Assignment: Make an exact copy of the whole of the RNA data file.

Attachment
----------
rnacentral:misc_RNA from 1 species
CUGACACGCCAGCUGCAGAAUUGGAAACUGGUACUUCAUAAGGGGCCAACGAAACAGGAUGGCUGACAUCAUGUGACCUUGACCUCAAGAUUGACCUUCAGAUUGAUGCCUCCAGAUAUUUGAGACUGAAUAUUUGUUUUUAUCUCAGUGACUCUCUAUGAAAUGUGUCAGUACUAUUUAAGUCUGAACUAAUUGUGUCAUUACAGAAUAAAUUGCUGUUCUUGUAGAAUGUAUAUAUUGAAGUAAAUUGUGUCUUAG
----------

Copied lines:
rnacentral:misc_RNA from 1 species
CUGACACGCCAGCUGCAGAAUUGGAAACUGGUACUUCAUAAGGGGCCAACGAAACAGGAUGGCUGACAUCAUGUGACCUUGACCUCAAGAUUGACCUUCAGAUUGAUGCCUCCAGAUAUUUGAGACUGAAUAUUUGUUUUUAUCUCAGUGACUCUCUAUGAAAUGUGUCAGUACUAUUUAAGUCUGAACUAAUUGUGUCAUUACAGAAUAAAUUGCUGUUCUUGUAGAAUGUAUAUAUUGAAGUAAAUUGUGUCUUAG